• The Publishing Post

Dazzling Debuts & Incredible Indies: The Unsung Heroes of 2020

2020 has been a year to remember. We have seen some incredible debut novels, as well as indie publishers, flourishing amidst unpredictable times. Traversing the world of publishing when marketing has been scarce hasn’t been easy, so we are shining a spotlight on the books and publishers that have prospered in this harsh environment.


Big Girl, Small Town by Michelle Gallen (John Murray Press)


Shortlisted for the Comedy Women in Print Prize, Michelle Gallen has stormed onto the scene with this darkly comic and unforgettable novel. It grapples with tricky themes while remaining a funny and beautiful insight into life in a small town. Fair warning: you’ll definitely be craving fish and chips after reading!


Majella is considered odd by the other people in her small town. She leads a self-contained life that revolves around routine. Her safe and predictable existence is thrown into disarray at the loss of her grandmother. She must navigate her changing life and face the realities of moving forward. Despite the difficulties this creates, it may just be her one chance at escape.


Exit Management by Naomi Booth (Dead Ink Books)

When looking at September’s line-up, Naomi Booth’s Exit Management cannot be missed, being published by Liverpool-based Dead Ink Books on the tenth. Exit Management explores contemporary Britain and modern life through the characters Callum, Lauren and Joszef, as their lives merge in darkly enlightening ways.


Callum is drifting, living with his parents, and working a strange job looking after rich people’s houses. One in particular: a beautiful red building inhabited by a man named Joszef. An unlikely friendship blossoms between the two and when Joszef’s health deteriorates, he turns to Callum for help. But Callum meets Lauren, a calculated and ambitious woman running away from her past. She has reinvented herself once before and will do anything to gain the perfect life.


Whirligig by Andrew James Greig (Fledgling Press)

Edinburgh’s Fledgling Press is an independent publisher excelling across the board – with Historical fiction, YA and a roster full of award winners. Greig’s Whirligig is a fierce new addition to the established ‘tartan noir’ genre – a Scottish Crime novel, shortlisted for both 2020’s CWA New Blood Dagger and McIlvanney Prizes in literature. Keying in on a secretive highland community, Whirligig introduces a host of new characters that have been acclaimed by readers and critics alike. With an atmospheric tone akin to that of authors such as Benjamin Myers, this addition to Fledgling’s catalogue is not to be missed.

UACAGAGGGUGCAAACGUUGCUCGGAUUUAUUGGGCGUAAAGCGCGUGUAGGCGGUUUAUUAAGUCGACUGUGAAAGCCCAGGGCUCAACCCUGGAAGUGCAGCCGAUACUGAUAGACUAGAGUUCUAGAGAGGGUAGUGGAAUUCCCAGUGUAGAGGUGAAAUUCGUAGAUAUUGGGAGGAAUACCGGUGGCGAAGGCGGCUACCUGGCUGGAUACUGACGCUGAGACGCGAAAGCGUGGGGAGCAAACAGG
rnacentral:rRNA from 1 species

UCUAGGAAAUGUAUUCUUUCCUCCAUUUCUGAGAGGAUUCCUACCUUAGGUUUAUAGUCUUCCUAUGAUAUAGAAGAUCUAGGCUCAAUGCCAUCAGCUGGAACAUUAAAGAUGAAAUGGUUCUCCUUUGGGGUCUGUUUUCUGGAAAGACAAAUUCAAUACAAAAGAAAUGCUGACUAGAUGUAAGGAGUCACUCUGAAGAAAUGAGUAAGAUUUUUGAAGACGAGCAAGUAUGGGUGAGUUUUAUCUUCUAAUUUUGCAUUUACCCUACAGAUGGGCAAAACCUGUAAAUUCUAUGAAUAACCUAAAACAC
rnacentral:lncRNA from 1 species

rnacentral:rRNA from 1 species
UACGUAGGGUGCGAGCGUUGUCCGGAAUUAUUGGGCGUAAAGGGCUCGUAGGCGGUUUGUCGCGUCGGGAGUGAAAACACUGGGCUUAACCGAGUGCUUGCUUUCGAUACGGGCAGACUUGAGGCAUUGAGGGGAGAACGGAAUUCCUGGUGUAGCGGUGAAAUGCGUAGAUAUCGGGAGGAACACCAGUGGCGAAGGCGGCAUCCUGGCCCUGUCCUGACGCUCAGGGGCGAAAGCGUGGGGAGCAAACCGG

Boy Parts by Eliza Clark (Influx Press)

Not to be deterred by a global pandemic, this outstanding debut was released in July, taking the book world by storm. Omnipresent in the book’s marketing, Clark has stamped her wit and talent on society and is a driving force for Northern voices. Boy Parts is dark but humorous, juxtaposes strength and vulnerability and is a must-have for any bookshelf this year.


Set in Newcastle, Irina is a fetish photographer who seeks out her projects in unusual places around her hometown. Irina is due to showcase her talent in a trendy London Gallery, but rather than being her saviour, her already erratic behaviour spirals further out of control, treating readers to an enticing exploration of gender, class and sexuality which challenges expectation.


Where Dreams Descend by Janella Angeles (Wednesday Books)

Where Dreams Descend is a must-read book by debut author Janella Angeles. Offering the ideal mix of a high-stakes magical competition and a headstrong female protagonist, this YA fantasy novel is perfect for fans of Erin Morgenstern. Plus, it is the first in a duology that will leave readers excited for more of the dynamic trio of characters leading the story.


Kallia is a powerful magician who wants nothing more than to perform. However, her true shine is hidden away in an isolated club run by its master Jack. When she finds herself in the midst of a dangerous competition that she never would have dreamed of starring in, she discovers reluctant support in Demarco, a former magician who retired his magic for reasons he must keep hidden.


Exciting Times by Naoise Dolan (Orion)

Debut novelist Naoise Dolan breathes fresh life into one of fiction’s popular tropes: the love triangle. Exciting Times, the hot item in a seven-way fictional auction, tells the story of twenty-two-year-old Ava who has just moved from Ireland to Hong Kong. Navigating boundaries, ethics and Irish identity, Dolan offers a witty and dry voice to an intriguing story of motivation.


When Ava leaves Ireland aged 22 to make her own money, she’s not sure what to call it, but it involves teaching English grammar to rich children, a certain boy called Julian, a friend called Edith who listens to her when she talks and all things money, love, cynicism and unlikely connections. Exciting times ensue.